Trashing Republican traditions

by Steven Roberts

After most Republicans vociferously condemned the FBI’s raid on Donald Trump’s Florida estate, Fox News host Steve Doocy plaintively asked his guest, GOP Congressman Steve Scalise: “What ever happened to the Republican Party backing the blue?”

When Scalise protested that “rogue” elements of the FBI were responsible for the operation, Doocy shot back: “Steve, who went rogue? Who went rogue? They were following a search warrant.”

For the last half-century or more, Republicans have been very shrewd, and successful, at embracing the concept of “law and order.” Their candidates have campaigned relentlessly in front of supporters arrayed in any kind of uniform: police and firefighters, hard hats and Green Berets, EMTs and ER nurses. Meanwhile, they branded the Democrats as the party of disorder – of long-haired, pot-smoking, free-loving, flag-burning “counter-culture McGovernicks,” as Newt Gingrich put it long ago.

Doocy, normally a Trump loyalist, poses a good question: Who, exactly, went rogue? And here’s the answer: the Republican Party. The GOP has lost its moorings as a defender of conservative values and established authorities. It has replaced those honorable principles with a new one: the Rule of Trump. What’s good for The Donald is good for the party. That’s how “back the blue” became “defund the FBI.”

“I thought, in the old days, the Republican Party used to stand with law enforcement,” Sen. Amy Klobuchar, a Minnesota Democrat, said on NBC’s “Meet the Press.”

“There are threats all over the place, and losing faith in our federal law enforcement officers, in our justice system, is a really serious problem for the country,” Maryland’s Republican governor, Larry Hogan, added on ABC’s “This Week.”

Republicans are not alone in attacking law enforcement for their own political purposes. It was leftist protestors in cities like Portland, Oregon, who made “defund the police” – perhaps the most misguided slogan in recent political history – their rallying cry.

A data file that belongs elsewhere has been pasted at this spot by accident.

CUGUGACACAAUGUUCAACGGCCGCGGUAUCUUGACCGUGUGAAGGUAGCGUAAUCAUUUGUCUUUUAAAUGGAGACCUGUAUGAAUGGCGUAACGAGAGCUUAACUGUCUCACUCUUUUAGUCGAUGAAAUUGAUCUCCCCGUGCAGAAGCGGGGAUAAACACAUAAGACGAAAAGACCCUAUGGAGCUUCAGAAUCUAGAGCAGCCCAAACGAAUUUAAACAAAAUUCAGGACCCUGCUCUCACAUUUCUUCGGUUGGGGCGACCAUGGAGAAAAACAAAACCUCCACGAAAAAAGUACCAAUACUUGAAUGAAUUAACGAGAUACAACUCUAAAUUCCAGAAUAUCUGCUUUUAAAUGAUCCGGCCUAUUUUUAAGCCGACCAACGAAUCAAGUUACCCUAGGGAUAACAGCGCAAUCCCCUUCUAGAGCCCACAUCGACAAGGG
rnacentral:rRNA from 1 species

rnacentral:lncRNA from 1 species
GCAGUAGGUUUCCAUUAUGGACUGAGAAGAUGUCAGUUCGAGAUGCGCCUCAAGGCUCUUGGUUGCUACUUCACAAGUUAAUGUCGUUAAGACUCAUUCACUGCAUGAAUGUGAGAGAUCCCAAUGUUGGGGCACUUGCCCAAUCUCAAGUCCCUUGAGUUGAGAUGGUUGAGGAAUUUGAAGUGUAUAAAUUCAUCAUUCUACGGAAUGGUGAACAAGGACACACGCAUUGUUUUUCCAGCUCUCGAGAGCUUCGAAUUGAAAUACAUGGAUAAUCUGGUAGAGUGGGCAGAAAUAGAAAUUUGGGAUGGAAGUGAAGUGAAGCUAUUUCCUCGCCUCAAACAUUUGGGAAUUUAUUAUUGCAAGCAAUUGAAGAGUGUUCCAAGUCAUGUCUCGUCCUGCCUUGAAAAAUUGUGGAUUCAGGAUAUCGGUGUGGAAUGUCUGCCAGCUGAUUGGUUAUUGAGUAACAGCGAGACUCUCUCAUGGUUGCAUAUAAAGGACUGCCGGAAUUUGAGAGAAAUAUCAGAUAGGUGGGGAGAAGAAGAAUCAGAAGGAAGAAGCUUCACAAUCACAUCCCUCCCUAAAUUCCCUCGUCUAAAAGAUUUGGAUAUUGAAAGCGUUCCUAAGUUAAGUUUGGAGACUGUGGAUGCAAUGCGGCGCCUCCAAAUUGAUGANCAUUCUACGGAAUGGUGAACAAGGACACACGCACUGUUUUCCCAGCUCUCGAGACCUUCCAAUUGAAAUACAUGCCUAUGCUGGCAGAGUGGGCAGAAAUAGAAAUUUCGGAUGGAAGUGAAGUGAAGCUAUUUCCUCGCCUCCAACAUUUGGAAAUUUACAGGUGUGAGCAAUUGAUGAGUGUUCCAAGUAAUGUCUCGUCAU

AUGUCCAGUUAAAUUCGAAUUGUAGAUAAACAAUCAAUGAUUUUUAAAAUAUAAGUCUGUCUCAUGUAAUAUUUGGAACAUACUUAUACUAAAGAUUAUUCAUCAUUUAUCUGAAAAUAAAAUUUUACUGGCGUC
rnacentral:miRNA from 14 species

Moreover, in the weeks leading up to the Mar-a-Lago episode, it was liberals who were attacking Attorney General Merrick Garland, complaining with increasing bitterness that he was too cautious in his approach and too slow to indict Trump for his role in igniting the insurrection of Jan. 6.

No one is above the law, not even a former president. But no one is beneath the law, either. Trump has rights that Garland is trying to protect, but the left wants the legal process to accomplish what they have not been able to do politically: Disqualify Trump from holding office again.

Still, this is not a case of “both-sidesism” or equal culpability. “Defund the police” is a fringe idea among Democrats, while perverting justice for political ends is a core tenet of Trumpism. As Michael R. Bromwich, a former Justice Department inspector general, told Peter Baker of The New York Times, “Trump simply doesn’t understand people like Garland and the top leadership of DOJ and the FBI because their values are so alien to him.”

Top Justice Department officials are appointed by the president, but the tradition is clear: They serve the law first, not the politician who picked them. Trump’s treatment of his own AGs and FBI directors are the best example of Bromwich’s point.

“After winning, Mr. Trump saw law enforcement agencies as another institution to bend to his will, firing FBI Director James B. Comey when he declined to pledge personal loyalty to the president or publicly declare that Mr. Trump was not a target of the Russia inquiry,” wrote Baker in the Times. “The president later fired Attorney General Jeff Sessions for recusing himself from that investigation and therefore not protecting Mr. Trump from it.”

Then there was Bill Barr, who succeeded Sessions as attorney general. “Donald Trump is a man consumed with grievance against people he believes have betrayed him,” writes ABC’s White House correspondent, Jonathan Karl, in his book “Betrayal.” And after Barr called Trump’s claims of election fraud “bulls–t” in an AP interview, Karl reports the following exchange between the two men:

“Did you say that?” asked Trump.

“Yes,” Barr responded.

“How the f could you do this to me? Why did you say it?”

“Because it’s true.”

The president, livid, responded by referring to himself in the third person: “You must hate Trump. You must hate Trump.”

There it is. In today’s Republican Party, everything is filtered through Trump. Is it good for him, or bad? Do you love him, or hate him? And if that fealty means trashing traditions like “backing the blue,” so be it.

Steven Roberts teaches politics and journalism at George Washington University. His new book is “Cokie: A Life Well Lived.” He can be contacted by email at stevecokie@gmail.com.